The consideration of costs and benefits enables decision makers to make informed and robust decisions between options, allowing trade-offs and/or providing a means to justify decisions. In many public and private institutions, economic cost-benefit analyses (CBAs) help provide the justification for project approval. In addition, facilitate dialogue with other national, regional or local stakeholder if priorities are conflicting. CBA is however particularly challenging for climate change adaptation (CCA). The challenging arises due to high uncertainty and the stochastic nature of climate change projections, and because future benefits/avoided losses are often difficult to estimate. CBA of CCA for infrastructure, and in particular for urban multi component/sector projects, is therefore very technically challenging to complete, as well as time and resource intensive and is outsourced to external experts and consultants. As a consequence of these factors, it has proved difficult for financial institutions to develop quick and cost effective in-house CBAs which permit robust decision making for adaptation interventions.
NOTE: Bottlenecks addressed: 31, 32 (See the Annex F on the Draft Action Plan)
The EU has comprehensive guidelines on CBA, and has supported projects like ClimateCost, Econadapt, which however do not resolve the challenge outlined above, particularly for urban multi sector adaptation interventions. However, this previous work forms an important point of departure. International experience has shown that much of this guidance has proven far too complicated (CGE models, Real options from UK green book, etc.) some of which is not used at all, and the other is too costly and time consuming, and often does not aid in decision-making. EIB has started work on this, initially for large infrastructure projects globally, and will provide its concept note to UA Partnership and the implementing entity for this action to inform this work.
This action proposes to analyse existing methodologies and good practices regarding the CBA of CCA and adapt and develop these to infrastructure investments in the urban context. The guidance and tools that are developed shall be appropriate for in-house use by cities (including small and medium-size) and financial institution, as well as be cost effective and promote low regret and robust decision making on adaptation interventions. Cities need to justify their priorities and use of public funds to the constituencies and funders (loans or grants) and currently are poorly equipped to do so. The availability of appropriate tools and guidance for urban investment decisions makers will permit, promote and enhance investments and operational changes in cites, this will enable people, assets and ecosystems to cope with impacts and seize the opportunities that climate change presents.
Implementation: It is envisaged that this work shall be carried out with the assistance of external consultants, to be lead collectively by representatives (steering committee) of both the financial sector (commercial and IFI) and urban/cities. The approach requires the consultants to facilitate the sharing of best practise between cities, financial institutions and service providers and initially develop simple, best practice guidelines along the lines of the “Integrating Climate Change Information and Adaptation in Project Development: Emerging Experience from Practitioners” (EUFIWACC, 2016). Next steps are more detailed guidance on robust decision making under uncertainty and low cost, low regret solutions for urban adaptation with the tool kit to carry out such assessments.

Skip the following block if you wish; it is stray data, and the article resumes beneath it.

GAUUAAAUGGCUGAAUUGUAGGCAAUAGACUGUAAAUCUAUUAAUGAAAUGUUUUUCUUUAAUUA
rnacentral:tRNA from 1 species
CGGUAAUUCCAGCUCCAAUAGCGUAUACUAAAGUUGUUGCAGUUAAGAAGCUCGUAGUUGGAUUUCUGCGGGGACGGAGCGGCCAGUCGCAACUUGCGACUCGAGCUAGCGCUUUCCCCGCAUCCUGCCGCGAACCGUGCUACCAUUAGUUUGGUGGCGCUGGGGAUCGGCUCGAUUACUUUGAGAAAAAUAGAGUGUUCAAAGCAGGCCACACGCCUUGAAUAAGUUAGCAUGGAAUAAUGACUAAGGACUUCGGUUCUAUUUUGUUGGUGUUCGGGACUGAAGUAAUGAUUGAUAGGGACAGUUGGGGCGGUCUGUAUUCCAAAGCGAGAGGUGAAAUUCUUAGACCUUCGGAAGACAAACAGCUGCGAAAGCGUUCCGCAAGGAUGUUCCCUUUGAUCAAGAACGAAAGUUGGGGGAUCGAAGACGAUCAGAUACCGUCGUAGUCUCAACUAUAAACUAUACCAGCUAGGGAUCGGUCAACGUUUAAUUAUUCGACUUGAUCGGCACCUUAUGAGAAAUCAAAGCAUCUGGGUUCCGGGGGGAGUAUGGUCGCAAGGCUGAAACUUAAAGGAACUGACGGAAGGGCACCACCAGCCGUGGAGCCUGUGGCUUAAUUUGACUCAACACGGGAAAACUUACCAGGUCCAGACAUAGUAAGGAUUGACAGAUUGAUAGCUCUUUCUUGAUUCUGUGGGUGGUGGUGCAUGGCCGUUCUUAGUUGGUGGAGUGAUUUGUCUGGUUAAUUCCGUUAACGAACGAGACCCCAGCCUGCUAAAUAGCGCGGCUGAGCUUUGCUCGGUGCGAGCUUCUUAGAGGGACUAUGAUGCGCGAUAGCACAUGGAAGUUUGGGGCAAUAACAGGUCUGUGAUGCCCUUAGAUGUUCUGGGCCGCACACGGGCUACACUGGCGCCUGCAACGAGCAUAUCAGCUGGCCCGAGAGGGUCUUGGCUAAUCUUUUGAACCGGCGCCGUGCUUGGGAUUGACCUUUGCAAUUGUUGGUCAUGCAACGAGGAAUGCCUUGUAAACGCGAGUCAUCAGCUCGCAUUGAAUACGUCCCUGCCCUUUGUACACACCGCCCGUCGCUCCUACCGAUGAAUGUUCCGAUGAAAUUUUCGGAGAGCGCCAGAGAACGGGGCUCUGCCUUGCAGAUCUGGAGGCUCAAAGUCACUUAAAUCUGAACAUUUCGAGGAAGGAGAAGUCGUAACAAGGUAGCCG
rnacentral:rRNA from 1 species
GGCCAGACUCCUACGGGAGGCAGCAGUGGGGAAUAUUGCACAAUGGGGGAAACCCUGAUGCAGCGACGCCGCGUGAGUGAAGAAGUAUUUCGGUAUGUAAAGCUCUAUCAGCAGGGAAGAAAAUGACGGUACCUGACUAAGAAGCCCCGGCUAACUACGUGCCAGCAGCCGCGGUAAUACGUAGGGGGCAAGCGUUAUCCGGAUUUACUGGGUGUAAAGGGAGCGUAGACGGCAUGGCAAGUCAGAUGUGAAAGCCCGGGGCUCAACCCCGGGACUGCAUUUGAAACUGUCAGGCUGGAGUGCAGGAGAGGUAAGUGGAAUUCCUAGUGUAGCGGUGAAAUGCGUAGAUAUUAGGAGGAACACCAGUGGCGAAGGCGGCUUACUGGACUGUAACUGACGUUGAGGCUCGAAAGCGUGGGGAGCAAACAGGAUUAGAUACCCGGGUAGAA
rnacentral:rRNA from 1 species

Funding Sources and Needs: EU funds, EUR 2-3 million
Implementation Risks: There is a risk that the task of simplifying a highly complex challenge of economic analysis of adaptation, and nascent field, in the context of complex multi component/sector urban investments cannot move beyond guidance and best practises. A second risk, which is known from the urban partnerships, is the availed and willingness of all the stakeholders to commit the necessary time to support this action. May be challenging for smaller cities due to complexity and resource constraints.
Responsible Institution: European Investment Bank (tbc)
Contributing Institutions: Financial sector (KfW, National Promotional Banks, EBRD, Commercial Banks) EUROCITES, CoM, CEMR, representative sample of EU cities for testing
- 06.2019 Terms of Reference / Workplan
- 12.2019 Progress Monitoring
- 06.2020 Guidelines
- 12.2021 Toolkit
Indicator of Completion:
- Delivery of Guidelines and toolkit;
- Dissemination and training on use for at least the 20% of cities belonging to the contributors
- Draft Action R1: Revision of urban development and planning regulation tools, focusing on national, regional and local climate adaptation actions
- Draft Action R2: Further involvement of national municipality associations and Covenant of Mayors as key facilitators and supporters of local authorities
- Draft Action F1: Guidelines and toolkits for adaptation economic analysis
- Draft Action F2: Recommendations for the Ops of the ERDF in order to improve access for municipalities
- Draft Action F3: A new LIFE for urban adaptation projects
- Draft Action F4: Further support for the drafting of local adaptation plans
- Draft Action K1: Improving data accessibility for EU Municipalities in the framework of COPERNICUS
- Draft Action K2: Enhancing the urban content of Climate-ADAPT
- Draft Action K3: Political training academy on climate adaptation
- Draft Action K4: Enhancing citizen and stakeholder involvement at regional and local levels for climate adaptation agendas
- Draft Action K5: Promote open access on insurance data for climate risk management